Limitations of accounting and a requiem for productivity? The high cost of failing to innovate

Robert J. Gordon is a most interesting thinker in contemporary economics. In The Rise and Fall of American Growth: The U.S. Standard of Living Since the Civil War (2016), but already in his 2013 TED Talk, The Death of Innovation, the End of Growth, the globally renowned macroeconomist argues that, despite all the chatter about “disruptive” innovation, new ideas with powerful effect on productivity are just not forthcoming – not since considerable time. Gordon sees innovation limited by four principal factors: demographics, education, debt, and inequality.

A major poll conducted by Inc. Magazine among VCs in late 2015 asked what startups are most likely to take off in 2016. Given that Silicon Valley is likely the most innovative spot on this planet, the results are shockingly disappointing: the presumptive champion most likely to succeed through innovation turned out to be Vulcun, an online betting platform allowing users to gamble real or fictitious money on the outcome of online video games. Another top-ten contestant was Juicero – it sells an internet-based juicer capable of delivering “disruptively fresh juice.”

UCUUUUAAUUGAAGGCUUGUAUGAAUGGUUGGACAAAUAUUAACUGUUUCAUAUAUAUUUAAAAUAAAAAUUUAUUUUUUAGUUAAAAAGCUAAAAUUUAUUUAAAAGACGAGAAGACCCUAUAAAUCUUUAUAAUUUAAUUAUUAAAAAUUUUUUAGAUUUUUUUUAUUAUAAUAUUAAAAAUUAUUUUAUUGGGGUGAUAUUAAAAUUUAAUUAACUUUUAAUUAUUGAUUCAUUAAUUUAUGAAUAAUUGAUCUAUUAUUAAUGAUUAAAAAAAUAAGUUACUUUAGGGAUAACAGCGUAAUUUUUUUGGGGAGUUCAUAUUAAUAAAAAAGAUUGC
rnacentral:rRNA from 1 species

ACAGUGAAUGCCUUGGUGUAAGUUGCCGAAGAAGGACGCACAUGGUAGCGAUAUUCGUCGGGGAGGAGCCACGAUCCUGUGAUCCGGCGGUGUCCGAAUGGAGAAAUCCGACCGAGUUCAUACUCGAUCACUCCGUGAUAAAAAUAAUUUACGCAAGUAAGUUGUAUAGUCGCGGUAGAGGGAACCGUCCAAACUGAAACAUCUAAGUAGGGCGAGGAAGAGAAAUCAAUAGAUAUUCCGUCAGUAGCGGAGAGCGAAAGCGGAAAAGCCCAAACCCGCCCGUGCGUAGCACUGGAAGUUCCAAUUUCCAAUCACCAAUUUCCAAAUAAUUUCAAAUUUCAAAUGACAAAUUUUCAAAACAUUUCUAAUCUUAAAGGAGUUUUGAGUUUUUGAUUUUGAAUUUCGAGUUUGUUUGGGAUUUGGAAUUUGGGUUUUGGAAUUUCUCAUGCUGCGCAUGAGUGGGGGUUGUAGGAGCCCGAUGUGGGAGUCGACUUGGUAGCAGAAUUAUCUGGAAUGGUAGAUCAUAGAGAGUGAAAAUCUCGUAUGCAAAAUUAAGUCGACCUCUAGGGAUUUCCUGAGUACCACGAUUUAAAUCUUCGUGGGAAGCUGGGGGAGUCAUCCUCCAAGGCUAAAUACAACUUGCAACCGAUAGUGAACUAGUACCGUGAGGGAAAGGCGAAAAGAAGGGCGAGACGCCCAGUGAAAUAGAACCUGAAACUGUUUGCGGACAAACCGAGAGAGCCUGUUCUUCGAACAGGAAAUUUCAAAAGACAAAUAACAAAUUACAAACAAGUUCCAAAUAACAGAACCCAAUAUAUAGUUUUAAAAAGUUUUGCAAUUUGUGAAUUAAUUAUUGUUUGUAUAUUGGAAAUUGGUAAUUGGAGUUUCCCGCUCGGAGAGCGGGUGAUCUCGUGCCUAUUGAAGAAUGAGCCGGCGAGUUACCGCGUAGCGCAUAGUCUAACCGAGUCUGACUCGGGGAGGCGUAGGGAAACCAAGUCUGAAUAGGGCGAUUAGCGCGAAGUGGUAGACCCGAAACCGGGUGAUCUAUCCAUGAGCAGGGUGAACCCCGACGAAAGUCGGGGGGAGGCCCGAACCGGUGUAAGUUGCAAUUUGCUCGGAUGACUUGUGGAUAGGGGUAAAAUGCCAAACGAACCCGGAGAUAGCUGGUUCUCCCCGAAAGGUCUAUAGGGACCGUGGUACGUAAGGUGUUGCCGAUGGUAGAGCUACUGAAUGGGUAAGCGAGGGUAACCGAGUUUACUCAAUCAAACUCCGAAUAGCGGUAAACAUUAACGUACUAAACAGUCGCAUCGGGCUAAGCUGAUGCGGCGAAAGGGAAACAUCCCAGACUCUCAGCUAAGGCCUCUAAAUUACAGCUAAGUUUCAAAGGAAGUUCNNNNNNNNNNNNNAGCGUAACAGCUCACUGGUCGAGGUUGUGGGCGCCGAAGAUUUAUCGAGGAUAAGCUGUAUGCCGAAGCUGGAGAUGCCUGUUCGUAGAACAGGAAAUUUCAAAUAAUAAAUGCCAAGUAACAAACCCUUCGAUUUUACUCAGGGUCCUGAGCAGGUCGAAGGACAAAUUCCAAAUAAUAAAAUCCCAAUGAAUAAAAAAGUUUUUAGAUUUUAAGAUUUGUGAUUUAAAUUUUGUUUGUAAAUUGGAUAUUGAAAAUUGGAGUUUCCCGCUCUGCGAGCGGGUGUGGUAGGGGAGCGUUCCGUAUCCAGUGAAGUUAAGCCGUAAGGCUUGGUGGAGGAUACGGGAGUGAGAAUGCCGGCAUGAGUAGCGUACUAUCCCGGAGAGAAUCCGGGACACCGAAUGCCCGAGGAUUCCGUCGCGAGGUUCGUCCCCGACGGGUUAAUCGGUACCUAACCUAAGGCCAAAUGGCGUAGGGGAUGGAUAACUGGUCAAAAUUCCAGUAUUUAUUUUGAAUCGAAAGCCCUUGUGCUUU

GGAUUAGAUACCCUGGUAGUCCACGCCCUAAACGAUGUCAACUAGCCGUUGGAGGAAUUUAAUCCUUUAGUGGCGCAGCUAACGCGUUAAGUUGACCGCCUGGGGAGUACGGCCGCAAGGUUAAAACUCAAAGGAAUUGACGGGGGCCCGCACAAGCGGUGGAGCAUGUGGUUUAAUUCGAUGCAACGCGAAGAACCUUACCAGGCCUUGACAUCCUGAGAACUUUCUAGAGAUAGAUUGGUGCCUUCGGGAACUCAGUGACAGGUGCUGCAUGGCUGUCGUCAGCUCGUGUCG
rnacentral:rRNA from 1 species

If one considers the great discoveries of the industrial revolution, say, the steam engine, the combustion engine, electricity, or assembly line production, it is fairly clear how and why they affected productivity. Alas, while the digital age has changed our daily lives, it is less clear if – and how – it has affected productivity and created greater prosperity. Following the 2008 financial crisis, stagnation has set in globally and has endured to date: the Euro zone and Japan grow at a rate barely reaching, much less exceeding one percent of GDP; even the U.S. situation appears dire if one discounts the effect of cheap oil and low costs of capital. But already before the Great Recession, increase of productivity barely hovered above zero.

There are many suspect causes: taxation, bureaucracy, public debt, public austerity, cost of regulation; the list goes on. But regardless of these factors, all industrialized countries find themselves pretty much in the same situation. They face a lack of innovation that results in growth: IT companies barely create any jobs. The world’s three most highly valued corporations (Google, Apple, Microsoft) collectively employ 250,000 around the world, while an industrial engineering conglomerate such as Siemens employs 350,000 while Walmart is home to 2,100,000 jobs. Nothing indicates that 3D printing, drones, robotics or self-driving cars will create growth similar to the automobile, electricity, or aviation.